As many of you know, in 2010 Senate Bill 189 was signed into law by Governor Brown, which rephrased and restructured the law pertaining to Mechanics Liens, Stop Notices, bond claims and prompt payment statutes. These sweeping changes, long in the making, take effect today (the actual effective date of July 1, 2012 being a Sunday).
The ABA YLD 101 Practice Series article entitled "Understanding the Basics of CERCLA" discusses the liability framework, removal and remedial response actions, cost recovery actions, and contribution protection under the Comprehensive Environmental Response Compensation and Liability Act ("CERCLA"). This article discusses the available landowner defenses to liability under CERCLA. Courts have consistently held that the liability of potentially responsible parties is strict, joint, and several, so the federal government does not need to prove that the owner, operator, arranger, or transporter contributed to the release in any manner in order to establish a prima facie case under CERCLA. See Emhart Indus., Inc. v. Century Indem. Co., 559 F. 3d 57, 60 (1st Cir. 2009); U.S. v. Colorado & Eastern R. Co., 50 F.3d 1530, 1535 (10th Cir. 1995). This liability standard discouraged parties from acquiring, financing, and developing contaminated properties known as brownfields.
Yesterday, the United States Supreme Court held that President Obama's hotly contested health care reform law, the Patient Protection and Affordable Care Act ("ACA"), was constitutional. The challenge to the ACA revolved around two key provisions of the act: the individual mandate and the expansion of the Medicaid program. The Court determined that the ACA's "individual mandate" is a tax and therefore a proper exercise of Congress' express, constitutional powers. The Court further determined that the ACA's Medicaid expansion provisions could survive once the Court prohibited the Secretary of Health and Human Services from withholding all federal Medicaid funding, including existing federal Medicaid funds, from States which did not want to comply with Medicaid expansion. With the Court's ruling, businesses across the board – and not just those in the health care industry – must now engage in a careful and thorough analysis of the ACA's expansive requirements and its effects to ensure compliance with all applicable provisions.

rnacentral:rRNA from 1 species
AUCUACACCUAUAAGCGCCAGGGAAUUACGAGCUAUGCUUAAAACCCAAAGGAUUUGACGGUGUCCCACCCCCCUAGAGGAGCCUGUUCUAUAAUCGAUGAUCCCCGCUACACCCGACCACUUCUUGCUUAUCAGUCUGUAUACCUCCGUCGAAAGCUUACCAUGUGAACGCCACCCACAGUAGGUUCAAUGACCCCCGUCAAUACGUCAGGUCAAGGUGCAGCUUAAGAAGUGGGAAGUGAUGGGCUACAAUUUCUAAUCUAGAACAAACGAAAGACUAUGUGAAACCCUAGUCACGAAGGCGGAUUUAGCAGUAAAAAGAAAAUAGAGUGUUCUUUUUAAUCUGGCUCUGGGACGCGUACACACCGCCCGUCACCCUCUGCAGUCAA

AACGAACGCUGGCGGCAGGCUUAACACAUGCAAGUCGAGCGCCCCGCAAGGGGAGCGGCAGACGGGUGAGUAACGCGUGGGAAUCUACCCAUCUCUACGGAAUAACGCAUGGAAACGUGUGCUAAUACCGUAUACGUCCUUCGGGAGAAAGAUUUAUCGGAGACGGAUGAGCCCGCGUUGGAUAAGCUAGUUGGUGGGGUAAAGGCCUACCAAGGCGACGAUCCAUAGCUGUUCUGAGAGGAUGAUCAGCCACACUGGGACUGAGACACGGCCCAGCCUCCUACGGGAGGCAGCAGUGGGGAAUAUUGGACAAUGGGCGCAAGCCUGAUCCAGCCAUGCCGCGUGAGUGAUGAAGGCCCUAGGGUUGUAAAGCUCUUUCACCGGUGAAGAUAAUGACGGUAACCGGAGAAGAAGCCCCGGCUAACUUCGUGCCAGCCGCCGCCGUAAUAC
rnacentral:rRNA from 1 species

In the recent case of Shields v. Hennessy Industries, Inc. (2012) 205 Cal.App.4th 782, 140 Cal.Rptr.3d 268, the First Appellate District of the Court of Appeal of California held that an injured plaintiff may maintain causes of action for strict products liability and negligence against the manufacturer of a machine designed and used "exclusively" for the purpose of grinding brake linings that contain asbestos – even though the machine itself did not contain asbestos. Because the alleged "sole and intended use" of the machine resulted in the release of asbestos particles, allegedly leading to plaintiffs’ injuries, the manufacturer was not shielded from potential liability by the "components part" doctrine under California law.